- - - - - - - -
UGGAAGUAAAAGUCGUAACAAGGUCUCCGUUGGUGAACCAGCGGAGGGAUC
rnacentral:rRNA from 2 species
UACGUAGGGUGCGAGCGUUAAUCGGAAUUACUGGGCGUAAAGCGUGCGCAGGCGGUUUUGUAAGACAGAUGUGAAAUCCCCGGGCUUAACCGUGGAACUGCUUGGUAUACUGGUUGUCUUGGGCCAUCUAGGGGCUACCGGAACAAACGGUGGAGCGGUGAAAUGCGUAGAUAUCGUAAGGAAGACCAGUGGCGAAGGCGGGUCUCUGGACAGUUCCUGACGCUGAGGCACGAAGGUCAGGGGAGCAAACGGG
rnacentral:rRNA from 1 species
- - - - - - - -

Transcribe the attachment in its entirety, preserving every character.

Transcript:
UGGAAGUAAAAGUCGUAACAAGGUCUCCGUUGGUGAACCAGCGGAGGGAUC
rnacentral:rRNA from 2 species
UACGUAGGGUGCGAGCGUUAAUCGGAAUUACUGGGCGUAAAGCGUGCGCAGGCGGUUUUGUAAGACAGAUGUGAAAUCCCCGGGCUUAACCGUGGAACUGCUUGGUAUACUGGUUGUCUUGGGCCAUCUAGGGGCUACCGGAACAAACGGUGGAGCGGUGAAAUGCGUAGAUAUCGUAAGGAAGACCAGUGGCGAAGGCGGGUCUCUGGACAGUUCCUGACGCUGAGGCACGAAGGUCAGGGGAGCAAACGGG
rnacentral:rRNA from 1 species